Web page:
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Fracking Keeps the Gas Pedal on U.S. Economy

What we have witnessed in the past decade is the complete integration of America’s domestic energy sector into the U.S. and global economies.

What we have witnessed in the past decade is the complete integration of America’s domestic energy sector into the U.S. and global economies.

This June will mark 10 years of unabated growth for the world’s largest economy. Many factors are attributed to what is soon-to-be America’s longest economic expansion. Rising employment, below average interest rates, and central bank stimulus each get lots of headlines. Forgotten in much of this analysis, however, is the critical contribution from America’s fracking revolution.

It is worth remembering that every major economic downturn in the U.S. for the past five decades was triggered by a significant and prolonged rise in energy prices. The OPEC embargoes of 1973 quadrupled the price of a barrel of oil and a recession followed. The Iranian Revolution of 1979 tripled oil’s price and economic output declined. The Iraqi invasion of Kuwait in 1990 once again tripled energy costs and another recession occurred. And, starting in 2005, oil prices regularly reached new record highs until their apex of $144 per barrel in July 2008. This rise in oil prices was well underway before the meltdown on Wall Street went into hyper-drive and the Great Recession began.

In a consumer-driven economy, the importance of oil prices to the average American household and business cannot be understated. Surging energy costs over an extended period of time rip through the economy—causing widespread havoc and damage. The longer it lasts, the deeper the pain. More spent on energy forces consumers to hold off on buying things for their home or that new car. Businesses pull back on capital investment and new hiring.

While the past decade has seen spikes in oil prices—$113 per barrel in April 2011; $109 in September 2013; and, $107 in July 2014—each of these was followed by a precipitous decline in prices almost immediately thereafter.

Five months after oil hit $113 per barrel in April 2011, it had fallen back to $77. By January 2014, oil’s price had fallen to $44—after being at $109 only 120 days earlier. And, more recently, after reaching $107 in July 2014, oil has hovered around $60 ever since.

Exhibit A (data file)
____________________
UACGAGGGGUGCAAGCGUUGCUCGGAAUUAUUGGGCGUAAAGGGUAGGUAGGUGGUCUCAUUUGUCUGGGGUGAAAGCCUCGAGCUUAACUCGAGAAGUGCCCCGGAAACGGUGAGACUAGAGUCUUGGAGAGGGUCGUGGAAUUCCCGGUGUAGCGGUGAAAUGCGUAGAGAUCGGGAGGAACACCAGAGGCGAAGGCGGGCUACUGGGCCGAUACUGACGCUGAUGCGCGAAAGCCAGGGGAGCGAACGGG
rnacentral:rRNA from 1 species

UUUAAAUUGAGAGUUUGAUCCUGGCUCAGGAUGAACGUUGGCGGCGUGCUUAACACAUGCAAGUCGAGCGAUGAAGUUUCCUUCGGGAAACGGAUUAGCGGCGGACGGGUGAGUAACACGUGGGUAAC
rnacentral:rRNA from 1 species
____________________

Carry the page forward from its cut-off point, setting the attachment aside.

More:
What we have witnessed in the past decade is the complete integration of America’s domestic energy sector into the U.S. and global economies. Led by capitalists, risk takers, and entrepreneurs, America’s energy sector has increased production by an incredible 140% over the past decade. Just last month, U.S. output exceeded more than 12 million barrels of oil per day: something no other nation, including Saudi Arabia or Russia, has ever done. Moreover, American producers can go even higher if they so wish.

The era of government- controlled energy cartels is ending. And, it is quickly being replaced by the American way of doing business. Market factors such as innovation, data analysis, capital flows, and workforce development are shaping the present and future of energy much more than the geopolitical forces of the past. America is now the most influential producer of energy in the world. What happens in the fields of West Texas, the Appalachian Basin, and North Dakota is increasingly more important to global energy prices than almost any other single factor.

The ability of U.S. producers to respond to changing market conditions in real-time has inexorably altered the pricing of energy. It has made the energy sector much more efficient than in the past. This doesn’t mean that everything is smooth sailing ahead and no major crises will occur. Instead, this new era signifies that energy prices will become much more stable for longer periods of time. Price stability underpins greater predictability, which permits us to set more realistic expectations in what we do. This benefits consumers and businesses immensely. As we celebrate the nation’s longest uninterrupted period of economic growth, let’s remember the vital contributions made by America’s frackers to our rising prosperity.

Andrew R. Thomas, Ph.D., is associate professor of Marketing and International Business at the University of Akron; and, a member of the Core Faculty at the International School of Management in Paris. He is a bestselling business author/editor, whose 23 books include, most recently, American Shale Energy and the Global Economy: Business and Geopolitical Implications of the Fracking Revolution, The Customer Trap: How to Avoid the Biggest Mistake in Business, Global Supply Chain Security, The Final Journey of the Saturn V, and Soft Landing: Airline Industry Strategy, Service and Safety.

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